It’s 5:47 a.m. and my roommate is rummaging around the room, trying to find her water bottle before crew practice. The florescent lights that are typical of dorms and other large, box-like buildings are blaring, awakening me from a wonderful dream about waffles and golden retriever puppies.

My roommate finds her water bottle and heads to practice, but it’s too late. I’m already awake, and now the sun is starting to rise, filling the room with a beautiful golden glow.

However magnificent the sunrise, though, I’m begging for just a few more hours of restful, comatose sleep. But what can I do when I’m already awake and thinking about all the things on my to-do list?

I like the bedroom to be nice and dark when I sleep—no distractions; no lights to wake me up from the little sleep I can fit in on a weeknight in college. That’s why I use a sleep mask to block out any extra light that may attempt to interrupt my sleep cycles. And I’d highly recommend buying one for yourself.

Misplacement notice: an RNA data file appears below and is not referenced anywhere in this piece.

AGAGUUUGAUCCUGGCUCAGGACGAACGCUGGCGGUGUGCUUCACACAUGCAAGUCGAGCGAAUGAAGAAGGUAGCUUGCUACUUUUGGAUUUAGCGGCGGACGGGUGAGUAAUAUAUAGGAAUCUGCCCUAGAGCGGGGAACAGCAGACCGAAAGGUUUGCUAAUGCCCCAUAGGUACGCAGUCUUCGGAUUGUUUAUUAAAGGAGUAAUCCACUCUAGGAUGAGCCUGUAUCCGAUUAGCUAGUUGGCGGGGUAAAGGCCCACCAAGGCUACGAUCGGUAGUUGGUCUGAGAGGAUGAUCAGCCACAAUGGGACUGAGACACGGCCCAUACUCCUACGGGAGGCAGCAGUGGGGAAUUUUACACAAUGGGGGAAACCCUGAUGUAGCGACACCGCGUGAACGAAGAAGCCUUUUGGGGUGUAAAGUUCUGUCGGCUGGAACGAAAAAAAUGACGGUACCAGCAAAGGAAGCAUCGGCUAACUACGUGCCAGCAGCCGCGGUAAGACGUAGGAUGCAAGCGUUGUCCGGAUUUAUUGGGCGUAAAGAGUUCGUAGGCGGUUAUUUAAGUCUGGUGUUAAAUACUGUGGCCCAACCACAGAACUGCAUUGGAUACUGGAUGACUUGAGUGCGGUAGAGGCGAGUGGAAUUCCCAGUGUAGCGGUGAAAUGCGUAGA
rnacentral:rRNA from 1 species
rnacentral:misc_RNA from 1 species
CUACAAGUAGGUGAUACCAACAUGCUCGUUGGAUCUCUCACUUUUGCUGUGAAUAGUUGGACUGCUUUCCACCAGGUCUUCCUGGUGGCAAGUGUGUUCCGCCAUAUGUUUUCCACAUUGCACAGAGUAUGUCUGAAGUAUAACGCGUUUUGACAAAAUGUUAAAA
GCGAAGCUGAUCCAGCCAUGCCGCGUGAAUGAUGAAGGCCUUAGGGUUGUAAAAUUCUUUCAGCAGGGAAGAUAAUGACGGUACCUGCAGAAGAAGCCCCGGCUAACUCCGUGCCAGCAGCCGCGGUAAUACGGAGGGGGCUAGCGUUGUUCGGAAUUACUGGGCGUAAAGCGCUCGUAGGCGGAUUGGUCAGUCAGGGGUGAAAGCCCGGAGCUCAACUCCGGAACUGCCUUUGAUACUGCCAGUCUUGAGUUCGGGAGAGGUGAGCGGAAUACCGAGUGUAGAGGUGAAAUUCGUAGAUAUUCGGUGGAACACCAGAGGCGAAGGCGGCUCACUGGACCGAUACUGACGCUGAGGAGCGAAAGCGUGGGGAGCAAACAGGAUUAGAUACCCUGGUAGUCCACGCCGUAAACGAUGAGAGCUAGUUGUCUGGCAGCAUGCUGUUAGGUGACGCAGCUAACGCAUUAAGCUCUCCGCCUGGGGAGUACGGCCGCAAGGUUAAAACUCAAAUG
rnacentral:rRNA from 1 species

Now before you judge, let me just say: freshman year, when my mom suggested I try wearing a sleep mask, I was skeptical. Those silly little pink things with the eyelids on them, or cheesy sayings like “beauty rest” and “sweet dreams”? The ones worn by all the drama queens and stuck-up snobs in chick flicks?

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But for the sake of my REM cycles, I decided to test it out. On nights when I’d go to bed early and my roommate would be working on homework (lights on, of course), I’d slap on the mask and the world would go black. In the morning when she headed to crew practice, I’d barely stir because the light couldn’t penetrate my mask. I slept deeply and peacefully until my alarm woke me up.

I’m sure I looked a little ridiculous as I slept, my mouth wide open and my black mask hiding my eyes, but I honestly didn’t mind. That mask was amazing. It helped me sleep through my roommate watching TV, the sun shining in my window, and even my friend bursting in my room to borrow one of my shirts.

Now, whenever I have sleepovers or go camping or stay in a hotel with friends, I make sure to pack my sleep mask. When you’re in college, any extra hours of sleep are a blessing.

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